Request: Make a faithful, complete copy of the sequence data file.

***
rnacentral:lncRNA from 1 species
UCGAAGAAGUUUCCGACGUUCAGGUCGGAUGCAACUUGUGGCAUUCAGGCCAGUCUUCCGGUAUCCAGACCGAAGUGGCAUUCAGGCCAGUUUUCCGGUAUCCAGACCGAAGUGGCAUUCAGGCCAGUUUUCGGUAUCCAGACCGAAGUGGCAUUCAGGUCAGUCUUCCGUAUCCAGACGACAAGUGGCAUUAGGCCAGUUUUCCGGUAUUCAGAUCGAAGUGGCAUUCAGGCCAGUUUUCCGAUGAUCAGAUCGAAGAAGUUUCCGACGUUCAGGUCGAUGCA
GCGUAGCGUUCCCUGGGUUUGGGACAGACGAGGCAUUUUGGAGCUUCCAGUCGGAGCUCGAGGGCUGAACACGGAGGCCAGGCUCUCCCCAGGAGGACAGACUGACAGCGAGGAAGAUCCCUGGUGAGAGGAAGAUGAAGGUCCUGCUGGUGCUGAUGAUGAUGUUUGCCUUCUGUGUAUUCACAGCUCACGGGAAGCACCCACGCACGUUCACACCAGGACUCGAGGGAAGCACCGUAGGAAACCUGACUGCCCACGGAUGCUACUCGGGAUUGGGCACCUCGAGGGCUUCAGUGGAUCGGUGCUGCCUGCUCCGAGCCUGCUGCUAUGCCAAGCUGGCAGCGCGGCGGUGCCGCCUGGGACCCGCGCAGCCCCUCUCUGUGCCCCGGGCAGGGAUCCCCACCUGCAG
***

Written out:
rnacentral:lncRNA from 1 species
UCGAAGAAGUUUCCGACGUUCAGGUCGGAUGCAACUUGUGGCAUUCAGGCCAGUCUUCCGGUAUCCAGACCGAAGUGGCAUUCAGGCCAGUUUUCCGGUAUCCAGACCGAAGUGGCAUUCAGGCCAGUUUUCGGUAUCCAGACCGAAGUGGCAUUCAGGUCAGUCUUCCGUAUCCAGACGACAAGUGGCAUUAGGCCAGUUUUCCGGUAUUCAGAUCGAAGUGGCAUUCAGGCCAGUUUUCCGAUGAUCAGAUCGAAGAAGUUUCCGACGUUCAGGUCGAUGCA
GCGUAGCGUUCCCUGGGUUUGGGACAGACGAGGCAUUUUGGAGCUUCCAGUCGGAGCUCGAGGGCUGAACACGGAGGCCAGGCUCUCCCCAGGAGGACAGACUGACAGCGAGGAAGAUCCCUGGUGAGAGGAAGAUGAAGGUCCUGCUGGUGCUGAUGAUGAUGUUUGCCUUCUGUGUAUUCACAGCUCACGGGAAGCACCCACGCACGUUCACACCAGGACUCGAGGGAAGCACCGUAGGAAACCUGACUGCCCACGGAUGCUACUCGGGAUUGGGCACCUCGAGGGCUUCAGUGGAUCGGUGCUGCCUGCUCCGAGCCUGCUGCUAUGCCAAGCUGGCAGCGCGGCGGUGCCGCCUGGGACCCGCGCAGCCCCUCUCUGUGCCCCGGGCAGGGAUCCCCACCUGCAG